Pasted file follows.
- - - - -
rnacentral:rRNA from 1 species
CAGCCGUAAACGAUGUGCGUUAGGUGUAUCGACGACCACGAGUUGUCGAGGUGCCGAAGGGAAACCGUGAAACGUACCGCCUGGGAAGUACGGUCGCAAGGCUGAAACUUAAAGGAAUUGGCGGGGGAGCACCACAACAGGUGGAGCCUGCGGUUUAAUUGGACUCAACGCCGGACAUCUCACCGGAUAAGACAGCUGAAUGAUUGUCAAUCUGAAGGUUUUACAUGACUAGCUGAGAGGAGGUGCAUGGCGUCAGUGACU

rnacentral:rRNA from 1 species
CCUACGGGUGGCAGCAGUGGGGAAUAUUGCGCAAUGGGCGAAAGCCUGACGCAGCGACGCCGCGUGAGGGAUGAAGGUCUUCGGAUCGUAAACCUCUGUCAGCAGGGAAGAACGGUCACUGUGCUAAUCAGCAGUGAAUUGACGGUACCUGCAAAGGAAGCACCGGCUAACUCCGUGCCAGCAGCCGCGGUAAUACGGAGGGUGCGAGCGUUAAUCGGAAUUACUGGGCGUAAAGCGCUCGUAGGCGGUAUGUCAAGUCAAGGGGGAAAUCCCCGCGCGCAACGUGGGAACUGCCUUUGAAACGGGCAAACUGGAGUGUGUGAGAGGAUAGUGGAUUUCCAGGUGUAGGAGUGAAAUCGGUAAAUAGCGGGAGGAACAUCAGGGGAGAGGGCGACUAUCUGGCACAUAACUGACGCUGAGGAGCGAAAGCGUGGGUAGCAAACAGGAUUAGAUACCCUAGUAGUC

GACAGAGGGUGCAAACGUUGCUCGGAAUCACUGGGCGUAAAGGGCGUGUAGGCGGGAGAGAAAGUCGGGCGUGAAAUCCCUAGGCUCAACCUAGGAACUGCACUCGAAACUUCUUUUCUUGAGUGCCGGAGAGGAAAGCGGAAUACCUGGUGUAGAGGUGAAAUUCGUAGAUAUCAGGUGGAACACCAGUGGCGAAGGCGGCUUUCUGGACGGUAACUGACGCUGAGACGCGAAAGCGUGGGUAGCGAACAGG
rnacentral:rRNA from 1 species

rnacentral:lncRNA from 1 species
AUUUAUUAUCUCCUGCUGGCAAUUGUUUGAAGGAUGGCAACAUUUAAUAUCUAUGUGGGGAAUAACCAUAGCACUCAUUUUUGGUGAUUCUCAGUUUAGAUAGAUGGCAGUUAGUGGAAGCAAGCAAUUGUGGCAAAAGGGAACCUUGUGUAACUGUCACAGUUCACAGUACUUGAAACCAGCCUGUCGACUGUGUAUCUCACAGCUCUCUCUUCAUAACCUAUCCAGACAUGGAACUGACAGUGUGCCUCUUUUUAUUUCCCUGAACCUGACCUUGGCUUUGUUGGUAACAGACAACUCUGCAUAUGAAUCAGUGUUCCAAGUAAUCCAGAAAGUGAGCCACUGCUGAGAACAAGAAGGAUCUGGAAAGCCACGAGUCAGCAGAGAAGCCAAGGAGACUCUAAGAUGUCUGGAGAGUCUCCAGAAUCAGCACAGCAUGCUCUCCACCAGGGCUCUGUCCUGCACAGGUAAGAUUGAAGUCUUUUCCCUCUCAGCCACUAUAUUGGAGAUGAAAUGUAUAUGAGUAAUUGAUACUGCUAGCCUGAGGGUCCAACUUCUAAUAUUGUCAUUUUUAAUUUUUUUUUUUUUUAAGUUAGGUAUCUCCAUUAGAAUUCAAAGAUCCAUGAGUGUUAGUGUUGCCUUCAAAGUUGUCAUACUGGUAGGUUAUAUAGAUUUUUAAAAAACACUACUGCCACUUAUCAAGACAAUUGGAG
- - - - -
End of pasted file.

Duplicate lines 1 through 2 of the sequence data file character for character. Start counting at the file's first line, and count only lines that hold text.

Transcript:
rnacentral:rRNA from 1 species
CAGCCGUAAACGAUGUGCGUUAGGUGUAUCGACGACCACGAGUUGUCGAGGUGCCGAAGGGAAACCGUGAAACGUACCGCCUGGGAAGUACGGUCGCAAGGCUGAAACUUAAAGGAAUUGGCGGGGGAGCACCACAACAGGUGGAGCCUGCGGUUUAAUUGGACUCAACGCCGGACAUCUCACCGGAUAAGACAGCUGAAUGAUUGUCAAUCUGAAGGUUUUACAUGACUAGCUGAGAGGAGGUGCAUGGCGUCAGUGACU